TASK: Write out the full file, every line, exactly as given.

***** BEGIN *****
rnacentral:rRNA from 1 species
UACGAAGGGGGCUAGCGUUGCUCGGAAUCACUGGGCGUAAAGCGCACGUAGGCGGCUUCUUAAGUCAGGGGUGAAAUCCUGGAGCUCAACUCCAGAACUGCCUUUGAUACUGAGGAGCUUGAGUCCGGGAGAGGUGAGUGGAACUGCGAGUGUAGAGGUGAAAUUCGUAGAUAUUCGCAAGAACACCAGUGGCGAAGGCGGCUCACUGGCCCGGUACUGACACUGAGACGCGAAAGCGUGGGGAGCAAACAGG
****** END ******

rnacentral:rRNA from 1 species
UACGAAGGGGGCUAGCGUUGCUCGGAAUCACUGGGCGUAAAGCGCACGUAGGCGGCUUCUUAAGUCAGGGGUGAAAUCCUGGAGCUCAACUCCAGAACUGCCUUUGAUACUGAGGAGCUUGAGUCCGGGAGAGGUGAGUGGAACUGCGAGUGUAGAGGUGAAAUUCGUAGAUAUUCGCAAGAACACCAGUGGCGAAGGCGGCUCACUGGCCCGGUACUGACACUGAGACGCGAAAGCGUGGGGAGCAAACAGG